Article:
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Ti West’s PEARL Puts a Warped Spin on THE WIZARD OF OZ

Pearl is a new horror gem—likely to become a horror classic—that digs into its titular character (Mia Goth) and her desperate need to escape farm life. Sound familiar? Of course it does. Ti West’s follow up to X is basically a warped version of The Wizard of Oz that answers how Dorothy would fare if she never went to Oz. What happens when the lesson learned through adventure and fantasy is instead through anguish, disappointment, and the mundane? Arguably, the film has a tin man, lion, scarecrow, wicked witch, and even another Dorothy that are struck down by Pearl waking up from her fantasy.  

A24

We initially see a brief conflict between Pearl and her mother Ruth (Tandi Wright). Pearl soon goes outside and there’s vibrant music reminiscent of The Wizard of Oz. As the movie progresses, Ruth is hellbent on killing her daughter’s spirit. From forcing her to care for her father, to never allowing her to enjoy herself, Ruth is a miserable thorn in Pearl’s side. This is much like the wicked witch is towards Dorothy, even though Ruth plays a duel role as an evil version of Auntie Em. As emotions swell to a crescendo, Pearl and Ruth wind up in a physical altercation, and Ruth’s dress catches fire. Her death is accidental, similar to Dorothy accidentally dropping a house on a witch.

The Tin Man is made of metal or tin. The Projectionist (David Corenswet) job is playing films from canisters made of tin. Like the Tin Man himself, the Projectionist is charming and sophisticated. He appears worldly, just like the character Tin Man does as he sings “If I Only Had A Heart.” Both the Tin Man and the Projectionist seem full of life; however, they feel hollow inside due to something missing. Interestingly, this Pearl character also reflects another famous The Wizard of Oz character: the Scarecrow.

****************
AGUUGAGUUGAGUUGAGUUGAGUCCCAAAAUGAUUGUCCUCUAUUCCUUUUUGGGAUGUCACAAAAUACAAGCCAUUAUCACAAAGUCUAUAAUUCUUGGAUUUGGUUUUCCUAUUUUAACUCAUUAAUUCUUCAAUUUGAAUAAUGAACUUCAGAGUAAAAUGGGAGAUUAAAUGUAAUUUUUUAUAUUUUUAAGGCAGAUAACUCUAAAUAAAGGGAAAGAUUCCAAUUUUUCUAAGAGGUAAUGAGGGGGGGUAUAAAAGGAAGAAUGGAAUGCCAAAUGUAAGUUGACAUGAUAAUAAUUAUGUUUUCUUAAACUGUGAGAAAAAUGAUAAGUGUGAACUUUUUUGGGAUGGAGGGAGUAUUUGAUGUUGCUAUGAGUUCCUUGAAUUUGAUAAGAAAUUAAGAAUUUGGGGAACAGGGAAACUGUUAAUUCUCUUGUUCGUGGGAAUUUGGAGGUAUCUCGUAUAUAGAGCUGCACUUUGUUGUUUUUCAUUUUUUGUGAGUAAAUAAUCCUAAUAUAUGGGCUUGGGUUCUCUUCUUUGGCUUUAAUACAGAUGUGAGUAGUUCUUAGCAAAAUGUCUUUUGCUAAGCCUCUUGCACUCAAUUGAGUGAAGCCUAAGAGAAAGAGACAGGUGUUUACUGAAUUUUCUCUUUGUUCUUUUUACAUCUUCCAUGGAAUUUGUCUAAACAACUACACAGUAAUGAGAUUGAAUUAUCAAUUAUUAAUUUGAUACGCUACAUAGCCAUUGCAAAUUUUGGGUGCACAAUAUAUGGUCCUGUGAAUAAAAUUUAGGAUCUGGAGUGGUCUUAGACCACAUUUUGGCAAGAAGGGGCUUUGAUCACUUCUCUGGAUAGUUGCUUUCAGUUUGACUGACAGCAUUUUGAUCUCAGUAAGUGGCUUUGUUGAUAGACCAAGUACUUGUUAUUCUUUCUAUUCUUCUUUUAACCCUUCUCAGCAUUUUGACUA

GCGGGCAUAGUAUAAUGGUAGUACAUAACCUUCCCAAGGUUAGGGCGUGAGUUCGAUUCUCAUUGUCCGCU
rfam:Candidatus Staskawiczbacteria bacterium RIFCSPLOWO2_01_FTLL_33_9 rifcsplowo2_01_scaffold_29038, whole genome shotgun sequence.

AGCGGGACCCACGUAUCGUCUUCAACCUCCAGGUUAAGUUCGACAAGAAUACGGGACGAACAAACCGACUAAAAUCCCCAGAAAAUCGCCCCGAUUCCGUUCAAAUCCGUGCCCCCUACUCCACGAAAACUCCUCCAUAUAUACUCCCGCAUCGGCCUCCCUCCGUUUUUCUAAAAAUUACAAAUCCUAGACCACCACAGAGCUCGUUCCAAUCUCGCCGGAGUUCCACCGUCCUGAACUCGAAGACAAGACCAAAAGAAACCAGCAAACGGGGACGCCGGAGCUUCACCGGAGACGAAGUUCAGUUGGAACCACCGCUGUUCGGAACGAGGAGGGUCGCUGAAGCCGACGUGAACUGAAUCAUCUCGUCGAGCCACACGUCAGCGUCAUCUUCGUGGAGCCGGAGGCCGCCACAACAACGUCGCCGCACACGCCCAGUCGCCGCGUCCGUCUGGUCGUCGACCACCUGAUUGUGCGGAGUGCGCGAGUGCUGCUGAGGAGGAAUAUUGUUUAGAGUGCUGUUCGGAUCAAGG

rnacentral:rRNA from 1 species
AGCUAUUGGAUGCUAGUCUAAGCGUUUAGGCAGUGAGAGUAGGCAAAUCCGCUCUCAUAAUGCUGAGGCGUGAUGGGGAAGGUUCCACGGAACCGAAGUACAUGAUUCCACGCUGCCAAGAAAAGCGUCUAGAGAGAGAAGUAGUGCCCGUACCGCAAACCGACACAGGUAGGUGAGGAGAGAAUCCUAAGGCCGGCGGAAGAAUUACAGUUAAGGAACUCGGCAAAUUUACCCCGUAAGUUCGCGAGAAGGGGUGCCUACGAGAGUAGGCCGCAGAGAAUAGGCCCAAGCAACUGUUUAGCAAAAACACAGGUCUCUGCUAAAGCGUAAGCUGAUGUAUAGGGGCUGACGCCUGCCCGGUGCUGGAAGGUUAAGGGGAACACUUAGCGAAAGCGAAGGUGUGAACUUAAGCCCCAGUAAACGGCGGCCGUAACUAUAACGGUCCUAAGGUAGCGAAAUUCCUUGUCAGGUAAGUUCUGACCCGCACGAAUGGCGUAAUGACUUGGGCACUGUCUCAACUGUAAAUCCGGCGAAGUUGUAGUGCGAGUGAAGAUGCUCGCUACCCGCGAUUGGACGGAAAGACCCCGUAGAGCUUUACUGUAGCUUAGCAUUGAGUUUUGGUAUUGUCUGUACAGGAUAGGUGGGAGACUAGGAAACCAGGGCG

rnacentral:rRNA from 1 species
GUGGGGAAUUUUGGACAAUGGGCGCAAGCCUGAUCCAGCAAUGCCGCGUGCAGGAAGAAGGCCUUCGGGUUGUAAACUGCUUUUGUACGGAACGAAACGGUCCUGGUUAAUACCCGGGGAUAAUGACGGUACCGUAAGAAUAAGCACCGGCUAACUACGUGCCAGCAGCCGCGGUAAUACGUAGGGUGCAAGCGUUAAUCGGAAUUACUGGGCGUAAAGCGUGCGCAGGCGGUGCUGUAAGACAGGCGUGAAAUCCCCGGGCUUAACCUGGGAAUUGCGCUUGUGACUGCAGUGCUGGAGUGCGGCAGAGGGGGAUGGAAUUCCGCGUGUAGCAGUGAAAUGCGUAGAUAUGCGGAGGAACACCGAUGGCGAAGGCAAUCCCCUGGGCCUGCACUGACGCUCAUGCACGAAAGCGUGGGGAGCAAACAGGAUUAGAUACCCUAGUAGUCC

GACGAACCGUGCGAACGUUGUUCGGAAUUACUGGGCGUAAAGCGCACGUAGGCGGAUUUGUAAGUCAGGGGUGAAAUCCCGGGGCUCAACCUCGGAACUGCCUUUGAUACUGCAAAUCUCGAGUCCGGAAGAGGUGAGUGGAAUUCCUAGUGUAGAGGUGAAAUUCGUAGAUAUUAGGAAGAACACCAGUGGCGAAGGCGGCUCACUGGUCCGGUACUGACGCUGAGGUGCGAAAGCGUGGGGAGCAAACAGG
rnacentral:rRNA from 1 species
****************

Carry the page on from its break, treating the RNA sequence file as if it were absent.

A24

The Scarecrow in this story is a mix. After meeting the Projectionist, Pearl rides her bike back home. Losing the film clip he gave her, Pearl moves through a field to find it, and she sees a scarecrow perched aloft. Envisioning the Projectionist’s handsome features on the scarecrow, Pearl makes out with him… and more. Later in the film, Pearl stabs the Projectionist with a pitchfork after realizing he doesn’t love her. It’s an interesting tool of choice considering pitchforks are used to pitch hay, which is what scarecrows are made of. The Wizard of Oz likenesses truly run rampant throughout Pearl.

Now, Pearl’s father (Matthew Sunderland) resembles the Cowardly Lion. Though expressionless at the beginning of Pearl, he comes to embody one singular emotion: fear. He is the first one Pearl considers killing when she wheels him to their bayou. She tells him how much she loves him and fears what will become of him if she leaves the farm. In her mind, this is a mercy killing. After that, whenever Pearl’s father appears onscreen, his eyes hold terror. Like the Cowardly Lion, he feels fear, but unlike this lion, he does not lack courage. His disability means he cannot speak or move, so he is at the mercy of those around him. 

Warner Bros/A24

Pearl’s sister-in-law Misty (Emma Jenkins-Purro) also wants to dance, and agrees to audition with Pearl for a church dance group. The collective will travel to different towns for performances. Misty is closer to the character of Dorothy than Pearl, despite Pearl’s delusions. Her attire—from her dress to shoes—is strikingly similar to Dorothy Gale’s style. Their differences become more glaring when she and Pearl talk after the auditions following Pearl’s monologue.

Pearl’s attire of long dresses and richer colors looks like wicked witch wear. After all, her mom is a wicked witch, and the two evil witches in The Wizard of Oz film are related. And what does Pearl, the second wicked witch, do? Kill. When Pearl, angry because she thinks Misty got the role and not her, follows Misty out and grabs the ax, Pearl embraces the part of the wicked witch and murders Misty, a.k.a. Dorothy.  

Pearl’s character and depiction in the film—believing she is Dorothy when she is the witch—gives credence to author Cassandra Clare’s phrase that “no one is ever the villain in their own story.” Pearl thought she was Dorothy, understandable given Ruth’s treatment, but in the end, she is another villain. No one successfully acquires the parts their counterparts in the The Wizard of Oz attain. Pearl makes sure of that and, in the end, damns herself. 

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